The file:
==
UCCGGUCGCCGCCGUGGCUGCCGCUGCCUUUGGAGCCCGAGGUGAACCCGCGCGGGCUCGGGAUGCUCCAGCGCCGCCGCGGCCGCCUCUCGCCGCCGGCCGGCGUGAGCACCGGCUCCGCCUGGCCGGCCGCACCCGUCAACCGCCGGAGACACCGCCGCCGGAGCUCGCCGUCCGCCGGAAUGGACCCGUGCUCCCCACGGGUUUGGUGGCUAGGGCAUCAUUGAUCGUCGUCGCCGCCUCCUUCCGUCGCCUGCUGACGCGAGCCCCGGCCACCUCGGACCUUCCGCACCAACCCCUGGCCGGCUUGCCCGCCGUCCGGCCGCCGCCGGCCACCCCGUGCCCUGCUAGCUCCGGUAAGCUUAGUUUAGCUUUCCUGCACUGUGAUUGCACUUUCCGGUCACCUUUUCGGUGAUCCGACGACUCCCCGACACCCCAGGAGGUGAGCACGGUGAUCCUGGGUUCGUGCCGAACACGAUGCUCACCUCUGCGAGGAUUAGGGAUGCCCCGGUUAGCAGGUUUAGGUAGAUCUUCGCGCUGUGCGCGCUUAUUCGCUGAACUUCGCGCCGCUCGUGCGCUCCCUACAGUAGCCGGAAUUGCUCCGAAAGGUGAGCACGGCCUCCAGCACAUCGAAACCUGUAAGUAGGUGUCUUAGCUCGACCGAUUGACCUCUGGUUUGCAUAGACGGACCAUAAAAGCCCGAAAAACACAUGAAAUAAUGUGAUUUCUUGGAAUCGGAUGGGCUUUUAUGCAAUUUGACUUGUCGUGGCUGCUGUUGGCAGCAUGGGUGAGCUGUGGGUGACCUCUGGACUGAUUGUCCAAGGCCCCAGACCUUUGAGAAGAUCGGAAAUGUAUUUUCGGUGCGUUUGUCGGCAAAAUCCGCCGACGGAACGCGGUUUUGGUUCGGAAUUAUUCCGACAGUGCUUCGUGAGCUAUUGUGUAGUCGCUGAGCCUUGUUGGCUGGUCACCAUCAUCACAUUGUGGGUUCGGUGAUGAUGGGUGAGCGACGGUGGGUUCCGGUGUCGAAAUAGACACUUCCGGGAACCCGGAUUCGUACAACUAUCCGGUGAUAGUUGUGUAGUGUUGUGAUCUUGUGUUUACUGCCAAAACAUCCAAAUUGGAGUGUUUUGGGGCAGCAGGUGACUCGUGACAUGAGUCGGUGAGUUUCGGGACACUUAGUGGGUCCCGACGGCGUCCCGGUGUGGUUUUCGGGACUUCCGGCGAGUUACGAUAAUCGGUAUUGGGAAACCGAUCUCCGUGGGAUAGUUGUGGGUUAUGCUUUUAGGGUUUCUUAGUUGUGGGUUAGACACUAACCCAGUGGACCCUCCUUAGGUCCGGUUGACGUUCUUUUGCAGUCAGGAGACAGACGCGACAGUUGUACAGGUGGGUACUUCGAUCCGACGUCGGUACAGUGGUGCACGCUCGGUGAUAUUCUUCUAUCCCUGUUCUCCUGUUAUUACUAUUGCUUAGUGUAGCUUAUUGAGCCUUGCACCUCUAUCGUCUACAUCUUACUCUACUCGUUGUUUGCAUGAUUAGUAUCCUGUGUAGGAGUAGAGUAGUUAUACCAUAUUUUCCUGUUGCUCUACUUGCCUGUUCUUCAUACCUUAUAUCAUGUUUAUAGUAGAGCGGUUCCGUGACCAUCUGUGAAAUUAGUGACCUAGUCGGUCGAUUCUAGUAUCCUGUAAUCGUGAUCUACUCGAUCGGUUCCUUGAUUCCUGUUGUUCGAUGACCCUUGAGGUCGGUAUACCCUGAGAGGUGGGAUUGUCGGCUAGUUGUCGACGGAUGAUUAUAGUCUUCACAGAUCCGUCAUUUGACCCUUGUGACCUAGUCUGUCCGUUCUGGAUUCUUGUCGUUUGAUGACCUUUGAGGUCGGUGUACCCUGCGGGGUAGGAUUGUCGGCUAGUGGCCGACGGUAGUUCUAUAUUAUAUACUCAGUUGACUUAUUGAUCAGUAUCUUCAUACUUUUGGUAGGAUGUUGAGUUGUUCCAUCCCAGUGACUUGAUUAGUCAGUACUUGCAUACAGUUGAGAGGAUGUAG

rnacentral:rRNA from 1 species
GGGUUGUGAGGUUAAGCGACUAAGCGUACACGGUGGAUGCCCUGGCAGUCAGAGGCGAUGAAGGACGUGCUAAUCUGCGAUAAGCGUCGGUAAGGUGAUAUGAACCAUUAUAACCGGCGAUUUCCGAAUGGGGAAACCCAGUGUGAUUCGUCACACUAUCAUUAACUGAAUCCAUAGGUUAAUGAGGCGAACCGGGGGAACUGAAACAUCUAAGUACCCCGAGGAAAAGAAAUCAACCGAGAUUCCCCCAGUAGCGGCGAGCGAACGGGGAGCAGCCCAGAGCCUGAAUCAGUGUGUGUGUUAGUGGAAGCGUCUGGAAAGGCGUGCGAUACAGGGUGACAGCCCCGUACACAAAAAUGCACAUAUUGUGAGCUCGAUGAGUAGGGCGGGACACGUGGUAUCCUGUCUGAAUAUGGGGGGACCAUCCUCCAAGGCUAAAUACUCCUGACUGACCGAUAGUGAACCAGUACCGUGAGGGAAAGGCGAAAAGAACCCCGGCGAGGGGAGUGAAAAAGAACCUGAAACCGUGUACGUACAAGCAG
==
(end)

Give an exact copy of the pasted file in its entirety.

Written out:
UCCGGUCGCCGCCGUGGCUGCCGCUGCCUUUGGAGCCCGAGGUGAACCCGCGCGGGCUCGGGAUGCUCCAGCGCCGCCGCGGCCGCCUCUCGCCGCCGGCCGGCGUGAGCACCGGCUCCGCCUGGCCGGCCGCACCCGUCAACCGCCGGAGACACCGCCGCCGGAGCUCGCCGUCCGCCGGAAUGGACCCGUGCUCCCCACGGGUUUGGUGGCUAGGGCAUCAUUGAUCGUCGUCGCCGCCUCCUUCCGUCGCCUGCUGACGCGAGCCCCGGCCACCUCGGACCUUCCGCACCAACCCCUGGCCGGCUUGCCCGCCGUCCGGCCGCCGCCGGCCACCCCGUGCCCUGCUAGCUCCGGUAAGCUUAGUUUAGCUUUCCUGCACUGUGAUUGCACUUUCCGGUCACCUUUUCGGUGAUCCGACGACUCCCCGACACCCCAGGAGGUGAGCACGGUGAUCCUGGGUUCGUGCCGAACACGAUGCUCACCUCUGCGAGGAUUAGGGAUGCCCCGGUUAGCAGGUUUAGGUAGAUCUUCGCGCUGUGCGCGCUUAUUCGCUGAACUUCGCGCCGCUCGUGCGCUCCCUACAGUAGCCGGAAUUGCUCCGAAAGGUGAGCACGGCCUCCAGCACAUCGAAACCUGUAAGUAGGUGUCUUAGCUCGACCGAUUGACCUCUGGUUUGCAUAGACGGACCAUAAAAGCCCGAAAAACACAUGAAAUAAUGUGAUUUCUUGGAAUCGGAUGGGCUUUUAUGCAAUUUGACUUGUCGUGGCUGCUGUUGGCAGCAUGGGUGAGCUGUGGGUGACCUCUGGACUGAUUGUCCAAGGCCCCAGACCUUUGAGAAGAUCGGAAAUGUAUUUUCGGUGCGUUUGUCGGCAAAAUCCGCCGACGGAACGCGGUUUUGGUUCGGAAUUAUUCCGACAGUGCUUCGUGAGCUAUUGUGUAGUCGCUGAGCCUUGUUGGCUGGUCACCAUCAUCACAUUGUGGGUUCGGUGAUGAUGGGUGAGCGACGGUGGGUUCCGGUGUCGAAAUAGACACUUCCGGGAACCCGGAUUCGUACAACUAUCCGGUGAUAGUUGUGUAGUGUUGUGAUCUUGUGUUUACUGCCAAAACAUCCAAAUUGGAGUGUUUUGGGGCAGCAGGUGACUCGUGACAUGAGUCGGUGAGUUUCGGGACACUUAGUGGGUCCCGACGGCGUCCCGGUGUGGUUUUCGGGACUUCCGGCGAGUUACGAUAAUCGGUAUUGGGAAACCGAUCUCCGUGGGAUAGUUGUGGGUUAUGCUUUUAGGGUUUCUUAGUUGUGGGUUAGACACUAACCCAGUGGACCCUCCUUAGGUCCGGUUGACGUUCUUUUGCAGUCAGGAGACAGACGCGACAGUUGUACAGGUGGGUACUUCGAUCCGACGUCGGUACAGUGGUGCACGCUCGGUGAUAUUCUUCUAUCCCUGUUCUCCUGUUAUUACUAUUGCUUAGUGUAGCUUAUUGAGCCUUGCACCUCUAUCGUCUACAUCUUACUCUACUCGUUGUUUGCAUGAUUAGUAUCCUGUGUAGGAGUAGAGUAGUUAUACCAUAUUUUCCUGUUGCUCUACUUGCCUGUUCUUCAUACCUUAUAUCAUGUUUAUAGUAGAGCGGUUCCGUGACCAUCUGUGAAAUUAGUGACCUAGUCGGUCGAUUCUAGUAUCCUGUAAUCGUGAUCUACUCGAUCGGUUCCUUGAUUCCUGUUGUUCGAUGACCCUUGAGGUCGGUAUACCCUGAGAGGUGGGAUUGUCGGCUAGUUGUCGACGGAUGAUUAUAGUCUUCACAGAUCCGUCAUUUGACCCUUGUGACCUAGUCUGUCCGUUCUGGAUUCUUGUCGUUUGAUGACCUUUGAGGUCGGUGUACCCUGCGGGGUAGGAUUGUCGGCUAGUGGCCGACGGUAGUUCUAUAUUAUAUACUCAGUUGACUUAUUGAUCAGUAUCUUCAUACUUUUGGUAGGAUGUUGAGUUGUUCCAUCCCAGUGACUUGAUUAGUCAGUACUUGCAUACAGUUGAGAGGAUGUAG

rnacentral:rRNA from 1 species
GGGUUGUGAGGUUAAGCGACUAAGCGUACACGGUGGAUGCCCUGGCAGUCAGAGGCGAUGAAGGACGUGCUAAUCUGCGAUAAGCGUCGGUAAGGUGAUAUGAACCAUUAUAACCGGCGAUUUCCGAAUGGGGAAACCCAGUGUGAUUCGUCACACUAUCAUUAACUGAAUCCAUAGGUUAAUGAGGCGAACCGGGGGAACUGAAACAUCUAAGUACCCCGAGGAAAAGAAAUCAACCGAGAUUCCCCCAGUAGCGGCGAGCGAACGGGGAGCAGCCCAGAGCCUGAAUCAGUGUGUGUGUUAGUGGAAGCGUCUGGAAAGGCGUGCGAUACAGGGUGACAGCCCCGUACACAAAAAUGCACAUAUUGUGAGCUCGAUGAGUAGGGCGGGACACGUGGUAUCCUGUCUGAAUAUGGGGGGACCAUCCUCCAAGGCUAAAUACUCCUGACUGACCGAUAGUGAACCAGUACCGUGAGGGAAAGGCGAAAAGAACCCCGGCGAGGGGAGUGAAAAAGAACCUGAAACCGUGUACGUACAAGCAG